East, west, local is best
go! - South Africa|October/November 2021
How do you fall in love with South Africa again? One way is to travel on dirt roads from Lambert’s Bay to Morgan Bay and back! Come, rediscover your homeland.
PIERRE STEYN

The desire to travel – to discover new places and meet new people who live different lives to yours – doesn’t get extinguished by a pandemic. Quite the opposite. That urge to explore becomes stronger.

But what do you do when the overseas holiday you’ve been saving for gets postponed while the world waits for alpha, beta and delta to run their course? You rediscover your own country. That’s exactly what many South Africans have done on some epic journeys during 2020 and 2021.

Each journey needs to start somewhere. Ours starts in Lambert’s Bay. We’re on a road trip with tour company, Live the Journey. The owner, Jurgens Schoeman, decided he wanted to fill a bottle with cold Atlantic water here in Lambert’s Bay and empty it into the Indian Ocean at Morgan Bay, 2000km east. In between are back roads, mountain passes and characterful towns like Victoria West, Philippolis and Bethulie, ready to welcome us with open arms…

The best in the west

My wife Ronel and I meet up with the rest of the touring party for supper at Bosduifklip Restaurant, about 4km outside Lambert’s. To feast at the table of Kobus and Aletta Engelbrecht, surrounded by wind-sculpted rocks, is a world-class experience. The restaurant is on the farm Albina, which has been in Kobus’s family for four generations. Aletta and Kobus have been making food together for more than 30 years: lamb on the spit, potatoes from the Sandveld, tripe potjie, freshly baked bread, seafood…

“My grandmother gave Bosduifklip its name because there used to be a big colony of speckled pigeons that nested in the cliffs,” Kobus tells us between the different courses. “My father built this kraal in 1941 – the one we’re eating in.”

Some of Kobus and Aletta’s children and grandchildren live overseas and they’ve been to visit them. “We miss them, of course,” he says. “But this place is our home.”

I wake to a cacophony of Cape gannets and kelp and Hartlaub’s gulls. After breakfast at the Lambert’s Bay Hotel, we say goodbye to the ocean. Today we’re driving nearly 600km to the historical Karoo guest farm, Melton Wold, near Victoria West.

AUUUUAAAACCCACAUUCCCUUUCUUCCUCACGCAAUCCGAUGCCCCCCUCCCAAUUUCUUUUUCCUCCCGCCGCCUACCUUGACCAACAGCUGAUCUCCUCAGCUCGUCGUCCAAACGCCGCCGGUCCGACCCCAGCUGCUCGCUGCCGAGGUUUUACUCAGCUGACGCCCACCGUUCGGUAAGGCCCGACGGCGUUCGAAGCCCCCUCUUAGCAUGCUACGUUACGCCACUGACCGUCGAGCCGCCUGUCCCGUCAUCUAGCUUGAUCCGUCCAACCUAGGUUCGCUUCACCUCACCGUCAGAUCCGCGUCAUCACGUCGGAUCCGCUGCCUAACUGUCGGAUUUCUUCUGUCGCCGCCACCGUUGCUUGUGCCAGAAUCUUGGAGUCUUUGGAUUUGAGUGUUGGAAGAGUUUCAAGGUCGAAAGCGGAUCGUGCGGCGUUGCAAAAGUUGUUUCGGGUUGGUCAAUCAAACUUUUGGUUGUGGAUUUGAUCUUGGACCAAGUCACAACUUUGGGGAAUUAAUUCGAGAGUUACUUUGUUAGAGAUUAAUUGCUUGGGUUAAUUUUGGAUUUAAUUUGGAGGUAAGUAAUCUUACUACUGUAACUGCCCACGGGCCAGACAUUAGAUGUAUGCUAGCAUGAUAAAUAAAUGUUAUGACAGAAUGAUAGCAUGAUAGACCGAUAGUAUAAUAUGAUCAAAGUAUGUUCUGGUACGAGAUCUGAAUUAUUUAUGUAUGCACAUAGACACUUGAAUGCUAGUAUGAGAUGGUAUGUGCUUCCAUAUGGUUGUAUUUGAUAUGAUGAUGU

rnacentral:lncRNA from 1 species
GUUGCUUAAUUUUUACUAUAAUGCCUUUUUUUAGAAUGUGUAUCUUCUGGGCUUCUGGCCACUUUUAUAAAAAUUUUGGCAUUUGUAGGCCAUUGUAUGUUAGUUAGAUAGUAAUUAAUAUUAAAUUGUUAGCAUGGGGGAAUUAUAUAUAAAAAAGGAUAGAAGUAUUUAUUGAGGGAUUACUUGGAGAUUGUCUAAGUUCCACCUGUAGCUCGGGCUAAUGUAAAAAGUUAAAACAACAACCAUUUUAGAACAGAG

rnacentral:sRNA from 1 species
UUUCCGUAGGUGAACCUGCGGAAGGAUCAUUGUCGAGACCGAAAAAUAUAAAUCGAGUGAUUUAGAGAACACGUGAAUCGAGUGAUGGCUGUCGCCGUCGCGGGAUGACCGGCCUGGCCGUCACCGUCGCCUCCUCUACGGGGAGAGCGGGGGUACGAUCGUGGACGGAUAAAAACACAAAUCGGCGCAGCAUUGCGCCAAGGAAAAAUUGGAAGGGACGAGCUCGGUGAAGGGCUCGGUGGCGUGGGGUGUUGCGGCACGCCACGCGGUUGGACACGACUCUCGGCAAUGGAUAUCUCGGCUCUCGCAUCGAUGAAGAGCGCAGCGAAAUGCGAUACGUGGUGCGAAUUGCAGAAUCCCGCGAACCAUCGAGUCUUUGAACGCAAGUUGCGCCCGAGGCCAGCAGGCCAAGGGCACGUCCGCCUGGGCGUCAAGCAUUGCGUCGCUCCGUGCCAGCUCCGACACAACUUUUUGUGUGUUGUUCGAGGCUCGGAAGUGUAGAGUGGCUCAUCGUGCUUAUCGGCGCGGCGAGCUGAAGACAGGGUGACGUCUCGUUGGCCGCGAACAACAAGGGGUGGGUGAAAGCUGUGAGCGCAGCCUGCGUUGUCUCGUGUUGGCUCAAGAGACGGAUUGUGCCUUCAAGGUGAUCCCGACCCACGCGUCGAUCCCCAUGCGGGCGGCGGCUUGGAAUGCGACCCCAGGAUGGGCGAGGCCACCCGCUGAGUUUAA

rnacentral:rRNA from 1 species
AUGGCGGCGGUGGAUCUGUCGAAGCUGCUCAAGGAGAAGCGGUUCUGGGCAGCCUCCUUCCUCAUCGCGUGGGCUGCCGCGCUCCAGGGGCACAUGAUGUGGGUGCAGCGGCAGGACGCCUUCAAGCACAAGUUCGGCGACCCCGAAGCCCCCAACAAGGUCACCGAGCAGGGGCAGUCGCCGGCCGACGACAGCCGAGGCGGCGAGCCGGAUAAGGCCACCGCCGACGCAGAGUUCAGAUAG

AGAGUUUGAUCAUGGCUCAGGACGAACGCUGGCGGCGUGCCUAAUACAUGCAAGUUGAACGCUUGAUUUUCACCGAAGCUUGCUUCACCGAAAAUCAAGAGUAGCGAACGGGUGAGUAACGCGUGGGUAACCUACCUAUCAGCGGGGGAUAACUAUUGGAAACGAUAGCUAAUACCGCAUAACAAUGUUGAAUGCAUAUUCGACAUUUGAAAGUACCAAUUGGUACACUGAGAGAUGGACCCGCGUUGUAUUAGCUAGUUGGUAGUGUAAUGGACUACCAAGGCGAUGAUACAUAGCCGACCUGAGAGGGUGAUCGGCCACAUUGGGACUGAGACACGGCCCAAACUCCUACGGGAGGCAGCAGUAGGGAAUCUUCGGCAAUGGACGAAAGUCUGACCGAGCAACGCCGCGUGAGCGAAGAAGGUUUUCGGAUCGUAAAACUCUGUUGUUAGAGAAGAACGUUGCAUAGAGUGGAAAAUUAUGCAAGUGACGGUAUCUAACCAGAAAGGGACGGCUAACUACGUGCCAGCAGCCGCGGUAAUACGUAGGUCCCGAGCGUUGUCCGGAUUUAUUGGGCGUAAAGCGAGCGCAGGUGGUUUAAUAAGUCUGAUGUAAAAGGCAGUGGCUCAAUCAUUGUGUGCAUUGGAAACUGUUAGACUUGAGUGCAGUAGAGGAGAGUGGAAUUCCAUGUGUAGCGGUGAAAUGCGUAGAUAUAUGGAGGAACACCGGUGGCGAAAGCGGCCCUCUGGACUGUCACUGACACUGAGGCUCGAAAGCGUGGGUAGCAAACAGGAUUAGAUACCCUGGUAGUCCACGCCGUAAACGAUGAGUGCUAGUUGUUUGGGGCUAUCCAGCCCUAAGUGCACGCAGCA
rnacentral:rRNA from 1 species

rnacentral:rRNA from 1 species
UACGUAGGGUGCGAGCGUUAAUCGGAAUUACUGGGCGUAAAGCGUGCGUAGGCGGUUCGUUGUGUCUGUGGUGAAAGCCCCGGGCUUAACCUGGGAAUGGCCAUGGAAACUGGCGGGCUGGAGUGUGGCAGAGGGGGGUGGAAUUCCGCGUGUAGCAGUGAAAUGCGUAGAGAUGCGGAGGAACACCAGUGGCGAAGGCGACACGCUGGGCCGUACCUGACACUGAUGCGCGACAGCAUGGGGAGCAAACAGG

Real back-road journeys begin when your wheels hit gravel. It happens for us just past the turn-off to Wupperthal on the R364. Lambert’s Bay, Clanwilliam and the Pakhuis Pass lie behind us to the west. A voyage of discovery lies ahead. East.

Your immediate reaction on gravel is to slow down because the surface demands more of your attention. All your senses are engaged. You feel the vibration of stone, sand and corrugations through the steering wheel; you smell dust, plants, farmland fertiliser; you even smell water when you cross the low-water bridge over the Doring River.

Going slower means you have more time to look at all the beauty: the stone cathedrals of the Cederberg; the wide expanses of the Karoo dotted with koppies that had their crowns lopped off millennia ago… You don’t have to hurry. There’s nobody chasing you. Open your window, switch off the radio, allow the road to speak to you.

Even a flat tyre on the R353 between Williston and Fraserburg gives us the chance to enjoy breathing pure Karoo air. (Salie and Lisa de Swardt’s Toyota Hilux suffered the one and only puncture on our whole trip.) Many capable hands make short work of swapping the shredded tyre for the spare.

When we drive through the gates of Melton Wold, the Karoo rewards us yet again with a blood-red sunset.

Old-world charm

At Melton Wold, you’re transported back to a more relaxed era. It’s a magnificent sheep and game farm, where parents can read under palm trees while the kids play themselves into a stupor on the trampoline and tennis court. You can try your hand at croquet on the lawn or hide out in the games room with Monopoly and a dartboard. It’s a huge farm and there’s a lot to discover – on foot, on a mountain bike, or in a game-viewing vehicle. You might even be fortunate enough to spot an endangered riverine rabbit that still finds sanctuary here. Old traditions live on, like coffee delivered to your bedroom door and the ting-ting of a xylophone to announce that dinner is served.

The manor house has 23 rooms and dates from 1889. It’s the oldest guest farm in the country and it has seen a lot. During the South African War, Boer commandos would regularly raid the fat sheep of the British owner. Indeed, the scars of that war are still evident across wide tracts of the interior. More about that later – first we have a movie date in Victoria West!

There’s plenty of head-shaking and fingerwagging about the decline of South Africa’s rural towns, due to urbanisation, drought and atrocious municipal mismanagement. There’s a flip side to this coin, though: There are so many can-do people who still love their towns and who are willing to work together to polish old jewels and discover new ones.

In Victoria West, our small group is treated to a screening of the classic cowboy movie El Dorado in the beautifully restored art deco Apollo Theatre. The theatre is managed by Contessa Kruger – she and her husband Louis moved here from the city more than six years ago, and they helped with the restoration of the theatre. They’re also actively involved in a variety of other projects aimed at rejuvenating Victoria West.

“You can’t complain about the platteland if you’re not prepared to jump in and help to improve things,” she says.

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